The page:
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Have you heard the nightmare stories about the Artificial Intelligence (AI) Assistants? The one where the little girl uses Alexa to order boxes and boxes of Barbies? Luckily, AI Assistants are getting smarter, and parents can adjust parental controls to prevent kids from ordering toys or massive amounts of candy online. Here are the key things to know about AI Assistants.
An AI assistant is a computer program that runs off your voice commands. For example, you can ask the Google Assistant to find a chocolate chip cookie recipe by saying, “OK Google, find me a chocolate chip cookie recipe.” You can ask your AI assistant to order you more paper towels, calculate the time it will take you to get to your grandkids’ house, play your favorite song, or tell you a joke.
You will need something with a microphone so that it can hear your voice commands. Gadgets that have microphones are wide ranging from a cell phone, to a remote control device like your TV remote, to a special proprietary listening device, to a tablet. You need to have the computer program loaded somewhere – and have set up a login with the program.
After that, the sky’s the limit. Your Al assistant can run special electrical outlets, so you control your living room lamp in Phoenix while you’re traveling in Budapest. You can be visiting your grandkids in Rochester, New York, and answer your doorbell in Denver through a video chat.
Siri runs on Apple HomePod, as well as being available on your iPhone, iPad, Apple watch, and MacBook laptops, certain cars, and Macintosh desktops.
Alexa runs on Amazon’s Echo Dot, Echo Show, Fire TV Stick, Amazon Fire Tablet, AmazonBasics Microwave, and on Ring doorbells.
Google Assistant requires a Google Home Hub, an Android cellphone, Android tablet, laptop, computer, TV, certain cars, or OS by Google smartwatch.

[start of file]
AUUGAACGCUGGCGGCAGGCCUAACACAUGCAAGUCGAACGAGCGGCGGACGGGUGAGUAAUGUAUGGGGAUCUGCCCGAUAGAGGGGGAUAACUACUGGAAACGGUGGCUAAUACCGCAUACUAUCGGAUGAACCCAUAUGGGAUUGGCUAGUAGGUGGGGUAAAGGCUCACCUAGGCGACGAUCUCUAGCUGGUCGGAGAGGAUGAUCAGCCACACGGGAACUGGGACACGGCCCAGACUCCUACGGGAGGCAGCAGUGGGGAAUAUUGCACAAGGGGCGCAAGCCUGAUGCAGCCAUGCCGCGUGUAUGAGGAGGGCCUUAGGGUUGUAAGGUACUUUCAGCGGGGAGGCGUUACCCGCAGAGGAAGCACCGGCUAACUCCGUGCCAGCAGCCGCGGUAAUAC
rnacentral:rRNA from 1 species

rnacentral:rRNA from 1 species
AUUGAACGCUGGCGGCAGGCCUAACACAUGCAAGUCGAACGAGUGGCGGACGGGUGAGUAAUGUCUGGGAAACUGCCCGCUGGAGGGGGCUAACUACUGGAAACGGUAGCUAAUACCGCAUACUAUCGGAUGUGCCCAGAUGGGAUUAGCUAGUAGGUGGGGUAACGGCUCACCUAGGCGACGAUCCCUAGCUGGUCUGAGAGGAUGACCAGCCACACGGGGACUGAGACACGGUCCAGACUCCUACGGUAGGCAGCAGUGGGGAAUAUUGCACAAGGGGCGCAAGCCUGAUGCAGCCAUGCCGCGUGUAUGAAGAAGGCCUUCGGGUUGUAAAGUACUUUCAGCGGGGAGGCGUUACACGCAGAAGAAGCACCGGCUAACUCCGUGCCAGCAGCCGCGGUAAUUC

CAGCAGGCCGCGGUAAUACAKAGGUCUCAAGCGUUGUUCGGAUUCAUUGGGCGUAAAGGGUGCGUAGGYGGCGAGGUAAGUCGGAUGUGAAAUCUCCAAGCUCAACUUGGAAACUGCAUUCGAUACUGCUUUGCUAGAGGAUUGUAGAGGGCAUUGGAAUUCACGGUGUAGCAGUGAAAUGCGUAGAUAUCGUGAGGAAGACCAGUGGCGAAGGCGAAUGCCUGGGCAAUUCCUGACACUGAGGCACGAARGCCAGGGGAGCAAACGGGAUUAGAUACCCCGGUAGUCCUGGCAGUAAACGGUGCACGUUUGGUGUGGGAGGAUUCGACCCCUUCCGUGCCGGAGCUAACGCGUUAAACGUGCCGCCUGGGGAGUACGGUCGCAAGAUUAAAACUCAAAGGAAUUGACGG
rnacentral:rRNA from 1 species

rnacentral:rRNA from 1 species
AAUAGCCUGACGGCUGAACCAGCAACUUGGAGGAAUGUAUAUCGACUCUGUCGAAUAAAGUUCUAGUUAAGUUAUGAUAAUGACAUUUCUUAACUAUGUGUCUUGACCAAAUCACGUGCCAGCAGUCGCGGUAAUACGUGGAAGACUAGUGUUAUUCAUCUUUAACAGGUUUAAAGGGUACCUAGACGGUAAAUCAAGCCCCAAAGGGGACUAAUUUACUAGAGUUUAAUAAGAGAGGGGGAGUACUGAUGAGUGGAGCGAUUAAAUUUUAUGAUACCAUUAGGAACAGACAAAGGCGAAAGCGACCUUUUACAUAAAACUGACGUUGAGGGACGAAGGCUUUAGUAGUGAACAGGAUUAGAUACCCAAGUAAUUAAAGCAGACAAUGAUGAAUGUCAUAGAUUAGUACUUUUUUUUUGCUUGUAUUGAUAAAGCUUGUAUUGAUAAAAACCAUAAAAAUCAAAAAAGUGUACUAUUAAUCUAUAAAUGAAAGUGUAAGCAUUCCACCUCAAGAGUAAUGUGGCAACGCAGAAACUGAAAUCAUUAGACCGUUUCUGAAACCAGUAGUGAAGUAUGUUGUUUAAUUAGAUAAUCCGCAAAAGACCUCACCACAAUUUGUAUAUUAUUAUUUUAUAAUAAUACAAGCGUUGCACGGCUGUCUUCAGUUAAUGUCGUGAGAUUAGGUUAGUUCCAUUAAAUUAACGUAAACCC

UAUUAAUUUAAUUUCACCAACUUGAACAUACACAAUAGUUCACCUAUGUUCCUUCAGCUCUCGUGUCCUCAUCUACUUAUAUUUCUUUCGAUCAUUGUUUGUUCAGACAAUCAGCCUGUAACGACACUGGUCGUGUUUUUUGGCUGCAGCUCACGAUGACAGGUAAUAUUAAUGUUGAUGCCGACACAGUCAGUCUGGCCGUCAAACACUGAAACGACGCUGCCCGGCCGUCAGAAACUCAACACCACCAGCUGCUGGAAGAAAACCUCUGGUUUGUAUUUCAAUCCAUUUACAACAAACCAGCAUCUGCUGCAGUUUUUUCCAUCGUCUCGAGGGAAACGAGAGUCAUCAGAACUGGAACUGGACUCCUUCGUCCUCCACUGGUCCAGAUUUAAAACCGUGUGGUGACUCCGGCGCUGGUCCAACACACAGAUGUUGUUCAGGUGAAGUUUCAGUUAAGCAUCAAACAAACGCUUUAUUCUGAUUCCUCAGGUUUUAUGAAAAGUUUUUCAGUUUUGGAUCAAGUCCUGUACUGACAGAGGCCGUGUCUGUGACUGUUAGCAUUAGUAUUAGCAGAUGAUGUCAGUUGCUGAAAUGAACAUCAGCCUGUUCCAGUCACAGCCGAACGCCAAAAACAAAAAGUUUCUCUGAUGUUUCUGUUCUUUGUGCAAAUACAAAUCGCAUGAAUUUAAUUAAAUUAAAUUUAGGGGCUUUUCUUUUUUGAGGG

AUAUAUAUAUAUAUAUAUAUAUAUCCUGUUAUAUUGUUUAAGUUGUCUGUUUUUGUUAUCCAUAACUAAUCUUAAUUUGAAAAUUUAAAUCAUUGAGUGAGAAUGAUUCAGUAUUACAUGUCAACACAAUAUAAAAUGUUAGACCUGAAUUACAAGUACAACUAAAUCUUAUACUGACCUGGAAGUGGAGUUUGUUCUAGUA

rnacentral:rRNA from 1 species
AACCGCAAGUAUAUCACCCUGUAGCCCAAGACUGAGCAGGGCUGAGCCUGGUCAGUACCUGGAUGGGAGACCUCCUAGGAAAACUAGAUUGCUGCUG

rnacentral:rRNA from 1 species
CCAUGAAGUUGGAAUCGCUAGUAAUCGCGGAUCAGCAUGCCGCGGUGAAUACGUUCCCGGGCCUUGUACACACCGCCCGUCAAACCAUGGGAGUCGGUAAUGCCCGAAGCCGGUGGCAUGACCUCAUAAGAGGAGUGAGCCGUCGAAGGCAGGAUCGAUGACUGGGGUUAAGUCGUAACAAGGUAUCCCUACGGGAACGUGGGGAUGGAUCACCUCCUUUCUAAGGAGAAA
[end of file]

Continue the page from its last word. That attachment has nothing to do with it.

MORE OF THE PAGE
Cortana comes preloaded on your Microsoft Windows 10 operating system on your laptop. It will run on pretty much any tech, from your iPhone to your Android. Cortana’s special listening device is a Harman Kardon Invoke.
It depends! You might even use multiple systems. Do you order a lot of things from Amazon? Then perhaps Alexa would be your best bet. Does your social life depend on your Google calendar and Gmail? Then perhaps Google Assistant makes the most sense. You may use multiple systems because you have an iPad or iPhone with Siri, yet you use Amazon for all of your ordering needs.
Apple’s Siri can entertain your grandkids for a good 5 minutes by telling stupid jokes. Ask Siri, “Hey Siri, tell me a joke.” Young kids will be ROFL (rolling on the floor laughing).
Alexa can read aloud to you from a Kindle book that you’ve purchased: “Alexa, read me the Kindle book Beneath a Scarlet Sky: A Novel by Mark Sullivan.” Alexa reads every line, including the title page, so be sure to have the Amazon commands to skip ahead in the text.
Google Assistant can translate words in other languages. (All of the AI Assistants can.) Use “OK Google, how do you say ‘Cauliflower’ in Korean?”
Aside from the horror stories of children ordering toys or candy using Amazon’s Alexa, there have been other stories that have hit the news. In one case, a glitch in Alexa recorded the conversations of a couple and then emailed the conversations to an employee of the couple. An Amazon spokesperson explained it this way:
“Echo woke up due to a word in background conversation sounding like “Alexa.” Then, the subsequent conversation was heard as a “send message” request. At which point, Alexa said out loud “To whom?” At which point, the background conversation was interpreted as a name in the customer’s contact list. Alexa then asked out loud, “[contact name], right?” Alexa then interpreted background conversation as “right”. As unlikely as this string of events is, we are evaluating options to make this case even less likely.”
Recent news coverage has highlighted the information that Amazon and Google collect from their AI devices. In theory, if you have a light switch connected to your AI device, the services could extrapolate when you go to bed every night based on the time you turn off the lights in the living room. This is just one of the many trade-offs we may be making of our personal information for convenience.